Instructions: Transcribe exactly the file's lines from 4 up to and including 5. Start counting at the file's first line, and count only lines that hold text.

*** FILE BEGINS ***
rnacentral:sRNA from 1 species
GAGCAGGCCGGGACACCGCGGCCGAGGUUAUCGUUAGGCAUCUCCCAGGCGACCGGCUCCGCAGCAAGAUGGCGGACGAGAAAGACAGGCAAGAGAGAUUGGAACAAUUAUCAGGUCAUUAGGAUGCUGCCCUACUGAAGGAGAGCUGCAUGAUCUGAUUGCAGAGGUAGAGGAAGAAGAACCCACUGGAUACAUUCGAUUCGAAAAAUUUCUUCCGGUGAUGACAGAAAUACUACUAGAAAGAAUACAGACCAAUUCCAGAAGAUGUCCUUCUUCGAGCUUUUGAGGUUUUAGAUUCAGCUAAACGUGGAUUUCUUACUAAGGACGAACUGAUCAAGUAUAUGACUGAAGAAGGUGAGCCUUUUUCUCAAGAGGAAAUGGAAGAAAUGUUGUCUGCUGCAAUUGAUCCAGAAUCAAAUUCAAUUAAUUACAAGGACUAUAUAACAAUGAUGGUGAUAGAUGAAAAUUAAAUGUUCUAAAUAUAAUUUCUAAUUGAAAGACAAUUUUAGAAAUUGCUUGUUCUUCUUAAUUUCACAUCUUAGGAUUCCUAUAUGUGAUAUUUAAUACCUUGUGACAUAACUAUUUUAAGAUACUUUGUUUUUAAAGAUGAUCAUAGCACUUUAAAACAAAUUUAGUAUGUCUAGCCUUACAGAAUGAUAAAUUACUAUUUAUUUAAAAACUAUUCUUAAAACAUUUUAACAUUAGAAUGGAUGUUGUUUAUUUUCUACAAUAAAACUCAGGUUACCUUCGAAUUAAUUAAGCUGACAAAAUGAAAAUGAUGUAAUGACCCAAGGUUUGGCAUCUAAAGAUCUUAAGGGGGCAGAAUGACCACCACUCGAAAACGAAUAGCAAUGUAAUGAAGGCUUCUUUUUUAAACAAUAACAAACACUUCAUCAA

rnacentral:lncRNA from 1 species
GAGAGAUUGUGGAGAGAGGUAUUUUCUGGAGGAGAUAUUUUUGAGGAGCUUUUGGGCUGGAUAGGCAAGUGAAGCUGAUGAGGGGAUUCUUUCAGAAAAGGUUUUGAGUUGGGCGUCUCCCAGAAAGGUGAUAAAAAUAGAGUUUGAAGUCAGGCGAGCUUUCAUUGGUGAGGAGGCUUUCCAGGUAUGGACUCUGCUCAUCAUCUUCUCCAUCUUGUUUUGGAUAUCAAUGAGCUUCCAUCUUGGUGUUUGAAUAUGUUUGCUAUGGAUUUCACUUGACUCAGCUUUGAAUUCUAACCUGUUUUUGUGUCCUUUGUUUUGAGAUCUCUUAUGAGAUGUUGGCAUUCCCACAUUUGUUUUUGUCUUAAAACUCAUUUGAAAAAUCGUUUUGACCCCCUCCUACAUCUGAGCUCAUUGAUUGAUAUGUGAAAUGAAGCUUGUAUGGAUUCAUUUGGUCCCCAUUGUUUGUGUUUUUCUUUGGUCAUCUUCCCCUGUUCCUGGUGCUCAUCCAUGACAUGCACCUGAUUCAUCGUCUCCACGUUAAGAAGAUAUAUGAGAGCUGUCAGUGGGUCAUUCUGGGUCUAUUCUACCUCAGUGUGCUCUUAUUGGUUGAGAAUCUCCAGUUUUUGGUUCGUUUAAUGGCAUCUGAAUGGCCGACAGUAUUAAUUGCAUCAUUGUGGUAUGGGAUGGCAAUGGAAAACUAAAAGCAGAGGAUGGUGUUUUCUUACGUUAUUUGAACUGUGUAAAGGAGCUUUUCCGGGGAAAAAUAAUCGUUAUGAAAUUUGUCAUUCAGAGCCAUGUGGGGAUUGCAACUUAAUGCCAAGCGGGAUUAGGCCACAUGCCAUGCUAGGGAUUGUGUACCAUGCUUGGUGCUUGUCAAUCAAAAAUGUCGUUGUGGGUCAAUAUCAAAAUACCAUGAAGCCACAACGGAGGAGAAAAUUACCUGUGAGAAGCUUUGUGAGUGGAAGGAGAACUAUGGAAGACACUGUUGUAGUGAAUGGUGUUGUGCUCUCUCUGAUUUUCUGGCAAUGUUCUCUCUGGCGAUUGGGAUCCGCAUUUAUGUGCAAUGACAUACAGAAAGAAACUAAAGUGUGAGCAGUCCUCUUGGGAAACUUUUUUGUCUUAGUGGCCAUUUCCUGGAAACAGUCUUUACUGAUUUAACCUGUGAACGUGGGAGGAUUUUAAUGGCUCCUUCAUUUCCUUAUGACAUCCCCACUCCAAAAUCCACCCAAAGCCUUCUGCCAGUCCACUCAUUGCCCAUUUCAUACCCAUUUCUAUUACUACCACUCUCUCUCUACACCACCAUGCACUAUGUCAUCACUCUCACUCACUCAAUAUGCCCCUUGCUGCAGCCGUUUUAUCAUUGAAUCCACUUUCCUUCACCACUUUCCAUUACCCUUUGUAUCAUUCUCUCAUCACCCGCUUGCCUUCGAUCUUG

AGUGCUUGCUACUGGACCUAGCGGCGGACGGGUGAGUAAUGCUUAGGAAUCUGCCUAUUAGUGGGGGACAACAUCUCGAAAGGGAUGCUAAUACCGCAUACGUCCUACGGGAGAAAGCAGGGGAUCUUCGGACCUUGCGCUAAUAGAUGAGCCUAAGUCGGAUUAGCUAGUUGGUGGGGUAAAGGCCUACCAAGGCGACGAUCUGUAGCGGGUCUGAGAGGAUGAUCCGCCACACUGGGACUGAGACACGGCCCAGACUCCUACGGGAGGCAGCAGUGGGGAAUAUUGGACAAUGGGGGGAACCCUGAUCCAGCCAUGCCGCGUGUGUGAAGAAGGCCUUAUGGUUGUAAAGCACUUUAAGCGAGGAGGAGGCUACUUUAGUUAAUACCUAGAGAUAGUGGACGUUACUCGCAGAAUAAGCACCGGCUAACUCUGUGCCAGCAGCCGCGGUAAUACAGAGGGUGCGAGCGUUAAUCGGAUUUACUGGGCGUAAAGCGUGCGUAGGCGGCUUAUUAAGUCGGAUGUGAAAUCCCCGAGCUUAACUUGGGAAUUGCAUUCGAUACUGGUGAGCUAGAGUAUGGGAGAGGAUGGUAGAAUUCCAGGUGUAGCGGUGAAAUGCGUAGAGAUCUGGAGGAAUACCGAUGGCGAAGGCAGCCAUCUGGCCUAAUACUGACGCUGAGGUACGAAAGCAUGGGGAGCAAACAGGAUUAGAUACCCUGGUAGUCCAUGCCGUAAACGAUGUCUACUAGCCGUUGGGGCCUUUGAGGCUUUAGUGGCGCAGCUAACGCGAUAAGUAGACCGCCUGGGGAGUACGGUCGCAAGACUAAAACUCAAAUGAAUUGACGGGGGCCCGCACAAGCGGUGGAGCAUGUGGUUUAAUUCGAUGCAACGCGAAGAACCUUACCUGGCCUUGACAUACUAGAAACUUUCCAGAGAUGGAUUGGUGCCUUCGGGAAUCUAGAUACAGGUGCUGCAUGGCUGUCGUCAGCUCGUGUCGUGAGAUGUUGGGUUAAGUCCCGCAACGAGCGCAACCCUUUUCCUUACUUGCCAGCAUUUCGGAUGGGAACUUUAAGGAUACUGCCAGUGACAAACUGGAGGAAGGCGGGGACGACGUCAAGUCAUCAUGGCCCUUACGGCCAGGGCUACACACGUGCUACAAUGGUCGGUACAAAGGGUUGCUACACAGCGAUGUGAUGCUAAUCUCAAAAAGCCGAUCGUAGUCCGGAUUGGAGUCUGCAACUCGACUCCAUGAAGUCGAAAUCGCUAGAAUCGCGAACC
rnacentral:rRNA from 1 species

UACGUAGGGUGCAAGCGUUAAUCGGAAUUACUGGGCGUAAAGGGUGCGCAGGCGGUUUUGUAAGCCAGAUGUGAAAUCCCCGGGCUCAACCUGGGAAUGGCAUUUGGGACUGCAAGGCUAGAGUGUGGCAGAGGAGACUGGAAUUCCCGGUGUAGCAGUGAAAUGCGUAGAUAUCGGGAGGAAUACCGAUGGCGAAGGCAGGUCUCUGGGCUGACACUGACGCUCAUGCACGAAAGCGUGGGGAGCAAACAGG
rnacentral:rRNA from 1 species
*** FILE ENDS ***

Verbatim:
GAGAGAUUGUGGAGAGAGGUAUUUUCUGGAGGAGAUAUUUUUGAGGAGCUUUUGGGCUGGAUAGGCAAGUGAAGCUGAUGAGGGGAUUCUUUCAGAAAAGGUUUUGAGUUGGGCGUCUCCCAGAAAGGUGAUAAAAAUAGAGUUUGAAGUCAGGCGAGCUUUCAUUGGUGAGGAGGCUUUCCAGGUAUGGACUCUGCUCAUCAUCUUCUCCAUCUUGUUUUGGAUAUCAAUGAGCUUCCAUCUUGGUGUUUGAAUAUGUUUGCUAUGGAUUUCACUUGACUCAGCUUUGAAUUCUAACCUGUUUUUGUGUCCUUUGUUUUGAGAUCUCUUAUGAGAUGUUGGCAUUCCCACAUUUGUUUUUGUCUUAAAACUCAUUUGAAAAAUCGUUUUGACCCCCUCCUACAUCUGAGCUCAUUGAUUGAUAUGUGAAAUGAAGCUUGUAUGGAUUCAUUUGGUCCCCAUUGUUUGUGUUUUUCUUUGGUCAUCUUCCCCUGUUCCUGGUGCUCAUCCAUGACAUGCACCUGAUUCAUCGUCUCCACGUUAAGAAGAUAUAUGAGAGCUGUCAGUGGGUCAUUCUGGGUCUAUUCUACCUCAGUGUGCUCUUAUUGGUUGAGAAUCUCCAGUUUUUGGUUCGUUUAAUGGCAUCUGAAUGGCCGACAGUAUUAAUUGCAUCAUUGUGGUAUGGGAUGGCAAUGGAAAACUAAAAGCAGAGGAUGGUGUUUUCUUACGUUAUUUGAACUGUGUAAAGGAGCUUUUCCGGGGAAAAAUAAUCGUUAUGAAAUUUGUCAUUCAGAGCCAUGUGGGGAUUGCAACUUAAUGCCAAGCGGGAUUAGGCCACAUGCCAUGCUAGGGAUUGUGUACCAUGCUUGGUGCUUGUCAAUCAAAAAUGUCGUUGUGGGUCAAUAUCAAAAUACCAUGAAGCCACAACGGAGGAGAAAAUUACCUGUGAGAAGCUUUGUGAGUGGAAGGAGAACUAUGGAAGACACUGUUGUAGUGAAUGGUGUUGUGCUCUCUCUGAUUUUCUGGCAAUGUUCUCUCUGGCGAUUGGGAUCCGCAUUUAUGUGCAAUGACAUACAGAAAGAAACUAAAGUGUGAGCAGUCCUCUUGGGAAACUUUUUUGUCUUAGUGGCCAUUUCCUGGAAACAGUCUUUACUGAUUUAACCUGUGAACGUGGGAGGAUUUUAAUGGCUCCUUCAUUUCCUUAUGACAUCCCCACUCCAAAAUCCACCCAAAGCCUUCUGCCAGUCCACUCAUUGCCCAUUUCAUACCCAUUUCUAUUACUACCACUCUCUCUCUACACCACCAUGCACUAUGUCAUCACUCUCACUCACUCAAUAUGCCCCUUGCUGCAGCCGUUUUAUCAUUGAAUCCACUUUCCUUCACCACUUUCCAUUACCCUUUGUAUCAUUCUCUCAUCACCCGCUUGCCUUCGAUCUUG

AGUGCUUGCUACUGGACCUAGCGGCGGACGGGUGAGUAAUGCUUAGGAAUCUGCCUAUUAGUGGGGGACAACAUCUCGAAAGGGAUGCUAAUACCGCAUACGUCCUACGGGAGAAAGCAGGGGAUCUUCGGACCUUGCGCUAAUAGAUGAGCCUAAGUCGGAUUAGCUAGUUGGUGGGGUAAAGGCCUACCAAGGCGACGAUCUGUAGCGGGUCUGAGAGGAUGAUCCGCCACACUGGGACUGAGACACGGCCCAGACUCCUACGGGAGGCAGCAGUGGGGAAUAUUGGACAAUGGGGGGAACCCUGAUCCAGCCAUGCCGCGUGUGUGAAGAAGGCCUUAUGGUUGUAAAGCACUUUAAGCGAGGAGGAGGCUACUUUAGUUAAUACCUAGAGAUAGUGGACGUUACUCGCAGAAUAAGCACCGGCUAACUCUGUGCCAGCAGCCGCGGUAAUACAGAGGGUGCGAGCGUUAAUCGGAUUUACUGGGCGUAAAGCGUGCGUAGGCGGCUUAUUAAGUCGGAUGUGAAAUCCCCGAGCUUAACUUGGGAAUUGCAUUCGAUACUGGUGAGCUAGAGUAUGGGAGAGGAUGGUAGAAUUCCAGGUGUAGCGGUGAAAUGCGUAGAGAUCUGGAGGAAUACCGAUGGCGAAGGCAGCCAUCUGGCCUAAUACUGACGCUGAGGUACGAAAGCAUGGGGAGCAAACAGGAUUAGAUACCCUGGUAGUCCAUGCCGUAAACGAUGUCUACUAGCCGUUGGGGCCUUUGAGGCUUUAGUGGCGCAGCUAACGCGAUAAGUAGACCGCCUGGGGAGUACGGUCGCAAGACUAAAACUCAAAUGAAUUGACGGGGGCCCGCACAAGCGGUGGAGCAUGUGGUUUAAUUCGAUGCAACGCGAAGAACCUUACCUGGCCUUGACAUACUAGAAACUUUCCAGAGAUGGAUUGGUGCCUUCGGGAAUCUAGAUACAGGUGCUGCAUGGCUGUCGUCAGCUCGUGUCGUGAGAUGUUGGGUUAAGUCCCGCAACGAGCGCAACCCUUUUCCUUACUUGCCAGCAUUUCGGAUGGGAACUUUAAGGAUACUGCCAGUGACAAACUGGAGGAAGGCGGGGACGACGUCAAGUCAUCAUGGCCCUUACGGCCAGGGCUACACACGUGCUACAAUGGUCGGUACAAAGGGUUGCUACACAGCGAUGUGAUGCUAAUCUCAAAAAGCCGAUCGUAGUCCGGAUUGGAGUCUGCAACUCGACUCCAUGAAGUCGAAAUCGCUAGAAUCGCGAACC